One challenging application involved a lot code printed on the bottom of a reflective, dark blue bottle. A curve in the bottom of the bottle, which created uneven lighting or reflections, added an additional hurdle. This inspection application was solved using a blue LED light in combination with a dome light. This combination created the needed contrast.
Surface defects can be the most difficult to inspect, because defects can be inconsistent. The number of defects and their sizes are important issues, as well as identifying the defect as a dent, scratch, scuff or crack. Each of these can differ in size and shape. The location of the defect on the part should also be considered.
An example of a difficult flaw detection application was a clear lens for the dome light in a truck. The surface to be inspected was highly reflective. Two lighting methods were tried. One method involved flooding the lens with diffuse, even illumination with a dome light. The second method used reflection to identify the defects. The use of diffused lighting didn't provide the needed contrast. However, reflective lighting and multiple cameras provided the right contrast.
Presence and absence applications have been a major part of the explosive growth in the machine vision industry over the last 5 years. The majority of presence and absence applications are straightforward in both lighting and inspecting.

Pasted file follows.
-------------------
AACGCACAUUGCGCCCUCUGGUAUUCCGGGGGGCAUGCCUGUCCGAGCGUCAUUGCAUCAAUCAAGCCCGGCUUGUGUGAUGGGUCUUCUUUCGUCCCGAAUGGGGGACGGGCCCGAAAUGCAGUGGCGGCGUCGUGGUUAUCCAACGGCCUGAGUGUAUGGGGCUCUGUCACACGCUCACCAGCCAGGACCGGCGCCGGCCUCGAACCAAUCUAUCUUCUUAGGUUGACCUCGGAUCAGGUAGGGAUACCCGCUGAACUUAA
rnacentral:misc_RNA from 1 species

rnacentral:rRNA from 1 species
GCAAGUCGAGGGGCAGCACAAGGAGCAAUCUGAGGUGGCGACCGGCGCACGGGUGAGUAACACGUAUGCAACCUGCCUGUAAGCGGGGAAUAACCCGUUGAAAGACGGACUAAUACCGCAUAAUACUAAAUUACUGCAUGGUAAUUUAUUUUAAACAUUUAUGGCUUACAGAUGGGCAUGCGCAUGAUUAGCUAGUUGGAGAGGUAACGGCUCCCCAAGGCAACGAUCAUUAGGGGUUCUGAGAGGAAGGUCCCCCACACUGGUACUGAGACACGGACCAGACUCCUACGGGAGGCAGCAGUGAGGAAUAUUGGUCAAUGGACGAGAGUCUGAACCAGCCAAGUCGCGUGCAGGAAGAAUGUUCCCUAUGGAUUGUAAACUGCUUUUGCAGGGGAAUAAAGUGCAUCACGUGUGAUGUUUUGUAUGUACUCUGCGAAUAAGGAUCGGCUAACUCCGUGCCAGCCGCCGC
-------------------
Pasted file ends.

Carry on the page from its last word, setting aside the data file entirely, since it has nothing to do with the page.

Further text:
Spot, linear and ring lights work well for detecting the presence of screws, inserts, springs, washers and foam. Black, low-contrast and reflective parts are the most difficult to detect. But with the correct assortment of lights and experimentation, the right solution can be found.
Lighting and Materials
An experienced lighting integrator knows that all parts of the lighting system are dynamic. Assuming that the part to be inspected is static can result in problems. A lighting technician should know the part well and realize that conditions affecting the display of the part can change. Doing the work on the front end can prevent hours of troubleshooting the machine on the plant floor later.